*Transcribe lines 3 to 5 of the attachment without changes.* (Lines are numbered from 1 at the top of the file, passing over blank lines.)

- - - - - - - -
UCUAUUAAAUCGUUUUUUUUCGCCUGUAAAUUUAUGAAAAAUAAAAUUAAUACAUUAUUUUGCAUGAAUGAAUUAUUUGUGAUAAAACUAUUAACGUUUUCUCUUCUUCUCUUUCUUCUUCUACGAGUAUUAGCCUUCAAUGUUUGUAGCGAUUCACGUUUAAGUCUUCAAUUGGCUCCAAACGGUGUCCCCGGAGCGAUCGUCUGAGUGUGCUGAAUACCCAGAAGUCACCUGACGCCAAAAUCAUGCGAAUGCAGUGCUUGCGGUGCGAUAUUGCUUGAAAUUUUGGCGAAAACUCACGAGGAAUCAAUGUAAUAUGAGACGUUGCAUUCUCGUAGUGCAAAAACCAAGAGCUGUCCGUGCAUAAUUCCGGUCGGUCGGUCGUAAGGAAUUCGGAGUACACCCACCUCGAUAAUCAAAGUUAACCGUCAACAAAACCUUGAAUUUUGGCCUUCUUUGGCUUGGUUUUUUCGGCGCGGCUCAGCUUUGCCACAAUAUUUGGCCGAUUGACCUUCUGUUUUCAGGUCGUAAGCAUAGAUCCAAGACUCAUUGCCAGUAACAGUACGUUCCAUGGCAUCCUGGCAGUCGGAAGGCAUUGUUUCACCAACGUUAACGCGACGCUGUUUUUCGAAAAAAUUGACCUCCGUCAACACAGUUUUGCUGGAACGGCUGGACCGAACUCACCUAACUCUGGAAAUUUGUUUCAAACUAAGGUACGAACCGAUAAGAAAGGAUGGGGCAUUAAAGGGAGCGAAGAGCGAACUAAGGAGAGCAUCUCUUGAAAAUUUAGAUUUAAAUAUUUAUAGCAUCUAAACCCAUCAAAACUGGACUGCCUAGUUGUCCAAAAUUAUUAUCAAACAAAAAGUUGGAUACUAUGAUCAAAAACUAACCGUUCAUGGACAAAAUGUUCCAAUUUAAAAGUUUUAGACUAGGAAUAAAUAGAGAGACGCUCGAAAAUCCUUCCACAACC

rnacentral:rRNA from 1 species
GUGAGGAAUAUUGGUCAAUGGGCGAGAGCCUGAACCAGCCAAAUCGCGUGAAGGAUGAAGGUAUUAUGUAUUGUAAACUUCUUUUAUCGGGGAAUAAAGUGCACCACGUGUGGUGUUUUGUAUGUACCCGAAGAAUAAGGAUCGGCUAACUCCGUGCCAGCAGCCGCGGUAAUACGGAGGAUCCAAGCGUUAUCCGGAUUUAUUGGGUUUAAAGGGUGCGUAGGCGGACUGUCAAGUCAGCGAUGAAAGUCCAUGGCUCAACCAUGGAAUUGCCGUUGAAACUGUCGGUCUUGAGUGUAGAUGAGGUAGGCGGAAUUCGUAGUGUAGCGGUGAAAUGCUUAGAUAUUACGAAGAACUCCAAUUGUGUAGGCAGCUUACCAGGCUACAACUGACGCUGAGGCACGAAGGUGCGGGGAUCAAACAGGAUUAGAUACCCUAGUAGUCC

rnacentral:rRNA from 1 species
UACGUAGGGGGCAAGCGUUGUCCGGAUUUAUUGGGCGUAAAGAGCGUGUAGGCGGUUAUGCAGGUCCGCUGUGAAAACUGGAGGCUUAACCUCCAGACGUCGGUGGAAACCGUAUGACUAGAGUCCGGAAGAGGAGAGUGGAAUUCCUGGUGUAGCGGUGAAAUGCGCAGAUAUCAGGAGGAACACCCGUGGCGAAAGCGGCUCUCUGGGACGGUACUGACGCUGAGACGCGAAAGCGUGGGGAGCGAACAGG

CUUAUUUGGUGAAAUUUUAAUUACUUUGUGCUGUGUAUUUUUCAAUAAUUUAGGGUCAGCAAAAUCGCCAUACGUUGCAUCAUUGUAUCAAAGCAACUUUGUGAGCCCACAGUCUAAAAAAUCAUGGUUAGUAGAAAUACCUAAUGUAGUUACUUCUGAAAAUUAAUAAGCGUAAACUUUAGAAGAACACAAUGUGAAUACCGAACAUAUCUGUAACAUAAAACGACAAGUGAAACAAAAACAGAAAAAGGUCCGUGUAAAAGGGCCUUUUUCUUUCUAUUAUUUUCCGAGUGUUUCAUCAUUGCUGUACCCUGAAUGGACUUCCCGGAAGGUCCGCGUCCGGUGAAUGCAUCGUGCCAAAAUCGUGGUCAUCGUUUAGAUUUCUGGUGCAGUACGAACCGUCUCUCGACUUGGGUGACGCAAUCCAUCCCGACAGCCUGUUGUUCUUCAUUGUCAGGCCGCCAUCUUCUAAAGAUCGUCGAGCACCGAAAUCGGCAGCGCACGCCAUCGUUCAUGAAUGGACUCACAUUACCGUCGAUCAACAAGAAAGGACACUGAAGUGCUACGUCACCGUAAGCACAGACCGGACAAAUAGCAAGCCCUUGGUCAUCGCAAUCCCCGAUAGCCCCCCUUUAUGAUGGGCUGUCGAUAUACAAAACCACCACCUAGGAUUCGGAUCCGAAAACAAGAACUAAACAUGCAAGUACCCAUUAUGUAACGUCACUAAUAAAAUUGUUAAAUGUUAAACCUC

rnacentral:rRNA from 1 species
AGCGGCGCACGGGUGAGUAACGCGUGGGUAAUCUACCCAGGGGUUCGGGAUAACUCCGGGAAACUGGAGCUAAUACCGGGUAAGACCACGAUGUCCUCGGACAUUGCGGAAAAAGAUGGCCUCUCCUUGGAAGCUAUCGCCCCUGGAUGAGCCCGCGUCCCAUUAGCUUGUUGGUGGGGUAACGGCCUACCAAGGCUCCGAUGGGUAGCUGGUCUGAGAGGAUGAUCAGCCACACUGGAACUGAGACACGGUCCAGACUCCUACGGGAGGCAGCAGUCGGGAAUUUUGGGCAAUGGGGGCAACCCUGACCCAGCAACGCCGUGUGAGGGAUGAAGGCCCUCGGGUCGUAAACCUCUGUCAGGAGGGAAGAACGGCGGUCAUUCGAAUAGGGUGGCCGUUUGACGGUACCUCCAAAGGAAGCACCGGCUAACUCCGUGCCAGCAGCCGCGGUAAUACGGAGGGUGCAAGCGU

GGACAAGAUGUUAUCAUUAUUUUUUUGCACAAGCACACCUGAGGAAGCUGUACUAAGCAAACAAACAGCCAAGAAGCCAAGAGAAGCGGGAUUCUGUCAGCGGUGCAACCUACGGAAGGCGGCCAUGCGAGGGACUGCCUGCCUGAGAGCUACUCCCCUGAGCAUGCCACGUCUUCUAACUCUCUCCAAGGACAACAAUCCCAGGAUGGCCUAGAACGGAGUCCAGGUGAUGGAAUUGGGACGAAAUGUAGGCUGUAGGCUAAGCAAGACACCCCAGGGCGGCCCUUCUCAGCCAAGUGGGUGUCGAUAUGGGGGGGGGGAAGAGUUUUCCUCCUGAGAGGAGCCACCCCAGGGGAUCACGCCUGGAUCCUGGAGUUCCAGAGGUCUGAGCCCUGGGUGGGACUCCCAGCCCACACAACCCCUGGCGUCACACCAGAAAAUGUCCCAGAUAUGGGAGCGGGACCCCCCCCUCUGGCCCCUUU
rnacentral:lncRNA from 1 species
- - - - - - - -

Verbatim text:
GUGAGGAAUAUUGGUCAAUGGGCGAGAGCCUGAACCAGCCAAAUCGCGUGAAGGAUGAAGGUAUUAUGUAUUGUAAACUUCUUUUAUCGGGGAAUAAAGUGCACCACGUGUGGUGUUUUGUAUGUACCCGAAGAAUAAGGAUCGGCUAACUCCGUGCCAGCAGCCGCGGUAAUACGGAGGAUCCAAGCGUUAUCCGGAUUUAUUGGGUUUAAAGGGUGCGUAGGCGGACUGUCAAGUCAGCGAUGAAAGUCCAUGGCUCAACCAUGGAAUUGCCGUUGAAACUGUCGGUCUUGAGUGUAGAUGAGGUAGGCGGAAUUCGUAGUGUAGCGGUGAAAUGCUUAGAUAUUACGAAGAACUCCAAUUGUGUAGGCAGCUUACCAGGCUACAACUGACGCUGAGGCACGAAGGUGCGGGGAUCAAACAGGAUUAGAUACCCUAGUAGUCC

rnacentral:rRNA from 1 species
UACGUAGGGGGCAAGCGUUGUCCGGAUUUAUUGGGCGUAAAGAGCGUGUAGGCGGUUAUGCAGGUCCGCUGUGAAAACUGGAGGCUUAACCUCCAGACGUCGGUGGAAACCGUAUGACUAGAGUCCGGAAGAGGAGAGUGGAAUUCCUGGUGUAGCGGUGAAAUGCGCAGAUAUCAGGAGGAACACCCGUGGCGAAAGCGGCUCUCUGGGACGGUACUGACGCUGAGACGCGAAAGCGUGGGGAGCGAACAGG